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Who are Egypt's Copts, and the Middle East's other Christian populations?

Recent attacks against Christians in Egypt and Iraq have drawn attention to the Middle East's Christian populations, which are dwindling as Christians flee violence, political strife, and persecution. Christians made up more than 20 percent of the region's population in the early 20th century, but today, they make up less than 10 percent. Here is a look at the status of Christians in seven key countries, from Egypt to Iran.

Horses stride as people gather during Christmas celebrations in Beirut's Christian sector of Ashrafieh, Lebanon, on Dec. 23.
Grace Kassab/AP
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1. Lebanon

An estimated 39 percent of Lebanon's population practices Christianity, according to the CIA World Factbook. The 1.6 million Christians are predominantly Maronite Christians, but include a sizable number of Greek Orthodox Christians and small numbers of other denominations.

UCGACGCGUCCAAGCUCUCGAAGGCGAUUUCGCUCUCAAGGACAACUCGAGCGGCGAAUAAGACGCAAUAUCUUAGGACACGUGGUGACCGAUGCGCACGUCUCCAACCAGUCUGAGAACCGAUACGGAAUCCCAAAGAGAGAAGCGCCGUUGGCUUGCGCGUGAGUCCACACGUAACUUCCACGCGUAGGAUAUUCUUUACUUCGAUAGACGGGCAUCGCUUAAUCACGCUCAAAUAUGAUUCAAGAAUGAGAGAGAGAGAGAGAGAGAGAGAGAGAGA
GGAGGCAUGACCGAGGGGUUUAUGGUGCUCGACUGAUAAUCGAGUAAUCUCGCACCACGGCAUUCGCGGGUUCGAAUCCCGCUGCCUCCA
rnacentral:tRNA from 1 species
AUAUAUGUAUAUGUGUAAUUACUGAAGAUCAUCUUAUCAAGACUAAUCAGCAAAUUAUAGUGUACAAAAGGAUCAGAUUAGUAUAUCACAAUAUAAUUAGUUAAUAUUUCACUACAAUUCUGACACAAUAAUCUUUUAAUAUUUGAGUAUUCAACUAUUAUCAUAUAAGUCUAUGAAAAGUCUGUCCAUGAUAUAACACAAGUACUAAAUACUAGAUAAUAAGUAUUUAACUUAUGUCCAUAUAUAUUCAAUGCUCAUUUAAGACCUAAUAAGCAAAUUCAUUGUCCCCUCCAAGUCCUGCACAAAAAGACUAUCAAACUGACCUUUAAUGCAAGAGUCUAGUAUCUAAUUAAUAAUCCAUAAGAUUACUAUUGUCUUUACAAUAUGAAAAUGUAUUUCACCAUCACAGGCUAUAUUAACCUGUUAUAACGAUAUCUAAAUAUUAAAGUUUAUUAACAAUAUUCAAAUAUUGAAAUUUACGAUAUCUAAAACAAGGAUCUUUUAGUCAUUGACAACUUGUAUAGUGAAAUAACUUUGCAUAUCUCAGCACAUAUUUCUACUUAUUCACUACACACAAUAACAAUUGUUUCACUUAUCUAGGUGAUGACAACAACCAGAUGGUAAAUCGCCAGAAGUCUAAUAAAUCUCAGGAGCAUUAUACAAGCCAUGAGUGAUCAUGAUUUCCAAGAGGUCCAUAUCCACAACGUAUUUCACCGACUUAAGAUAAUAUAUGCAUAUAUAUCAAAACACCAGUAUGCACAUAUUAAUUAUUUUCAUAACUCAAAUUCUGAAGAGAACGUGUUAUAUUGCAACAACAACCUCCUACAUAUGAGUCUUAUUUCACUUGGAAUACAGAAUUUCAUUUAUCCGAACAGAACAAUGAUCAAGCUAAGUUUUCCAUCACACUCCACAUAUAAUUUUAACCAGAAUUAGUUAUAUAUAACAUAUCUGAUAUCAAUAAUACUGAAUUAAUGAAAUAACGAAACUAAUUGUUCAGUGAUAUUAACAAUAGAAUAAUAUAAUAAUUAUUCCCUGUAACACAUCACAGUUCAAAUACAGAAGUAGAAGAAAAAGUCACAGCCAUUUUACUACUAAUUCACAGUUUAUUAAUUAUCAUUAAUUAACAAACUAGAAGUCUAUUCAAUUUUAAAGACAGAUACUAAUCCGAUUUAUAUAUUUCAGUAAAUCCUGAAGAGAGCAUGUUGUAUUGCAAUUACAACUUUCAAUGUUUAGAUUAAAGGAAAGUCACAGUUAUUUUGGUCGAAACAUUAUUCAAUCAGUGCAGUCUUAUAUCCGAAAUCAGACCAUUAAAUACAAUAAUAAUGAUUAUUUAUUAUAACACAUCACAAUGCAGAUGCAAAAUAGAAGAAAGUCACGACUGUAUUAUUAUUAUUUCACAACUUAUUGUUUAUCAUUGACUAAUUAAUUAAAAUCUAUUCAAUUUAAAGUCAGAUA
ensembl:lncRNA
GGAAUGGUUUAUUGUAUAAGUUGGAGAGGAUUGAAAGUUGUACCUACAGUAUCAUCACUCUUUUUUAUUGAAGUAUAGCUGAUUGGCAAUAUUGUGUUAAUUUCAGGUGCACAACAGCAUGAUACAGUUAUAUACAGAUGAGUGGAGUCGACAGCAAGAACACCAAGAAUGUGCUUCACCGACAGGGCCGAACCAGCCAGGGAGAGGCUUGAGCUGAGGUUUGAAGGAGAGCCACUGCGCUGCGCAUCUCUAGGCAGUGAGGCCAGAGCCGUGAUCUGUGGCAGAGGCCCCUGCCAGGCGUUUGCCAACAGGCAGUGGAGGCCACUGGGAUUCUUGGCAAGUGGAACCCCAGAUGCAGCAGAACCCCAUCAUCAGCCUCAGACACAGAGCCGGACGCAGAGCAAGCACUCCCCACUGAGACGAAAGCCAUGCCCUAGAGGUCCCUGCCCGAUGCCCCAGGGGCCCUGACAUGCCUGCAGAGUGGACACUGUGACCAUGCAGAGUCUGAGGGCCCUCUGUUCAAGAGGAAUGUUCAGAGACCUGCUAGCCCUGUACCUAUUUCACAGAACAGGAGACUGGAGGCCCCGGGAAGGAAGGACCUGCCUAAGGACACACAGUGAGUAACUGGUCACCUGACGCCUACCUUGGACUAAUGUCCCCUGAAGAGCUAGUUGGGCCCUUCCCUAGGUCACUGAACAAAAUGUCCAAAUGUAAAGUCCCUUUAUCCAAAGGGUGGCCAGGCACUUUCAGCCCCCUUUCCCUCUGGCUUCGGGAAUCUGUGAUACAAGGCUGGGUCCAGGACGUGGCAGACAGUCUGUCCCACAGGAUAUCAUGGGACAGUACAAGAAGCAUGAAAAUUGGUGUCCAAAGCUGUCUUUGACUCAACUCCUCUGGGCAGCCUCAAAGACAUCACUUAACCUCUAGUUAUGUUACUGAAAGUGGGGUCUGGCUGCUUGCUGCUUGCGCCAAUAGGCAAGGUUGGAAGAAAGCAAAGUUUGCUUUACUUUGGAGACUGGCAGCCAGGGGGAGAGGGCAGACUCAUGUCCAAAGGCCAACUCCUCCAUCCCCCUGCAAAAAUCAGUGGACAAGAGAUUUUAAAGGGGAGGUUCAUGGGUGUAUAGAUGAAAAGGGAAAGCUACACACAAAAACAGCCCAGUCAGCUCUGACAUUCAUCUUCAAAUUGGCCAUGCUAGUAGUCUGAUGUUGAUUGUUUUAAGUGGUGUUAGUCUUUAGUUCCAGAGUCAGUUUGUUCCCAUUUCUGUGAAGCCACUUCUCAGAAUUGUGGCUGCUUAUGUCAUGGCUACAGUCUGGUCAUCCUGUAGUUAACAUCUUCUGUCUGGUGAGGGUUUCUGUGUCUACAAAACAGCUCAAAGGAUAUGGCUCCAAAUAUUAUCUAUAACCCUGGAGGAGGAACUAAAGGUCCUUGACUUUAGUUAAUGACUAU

Christians were once the dominant religious group in Lebanon. But the 15-year civil war that began in the 1970s prompted at least 1 million Lebanese Christians to flee and left the country divided along religious lines. Today, relations between Christians and Muslims are calm and Lebanese Christians retain significant political sway through a powersharing agreement that distributes the top three government positions among the country’s main religious and ethnic groups – Christians, Sunni Muslims, and Shiite Muslims.

(Editor's note: The original article overstated the size of Lebanon's Christian population.)

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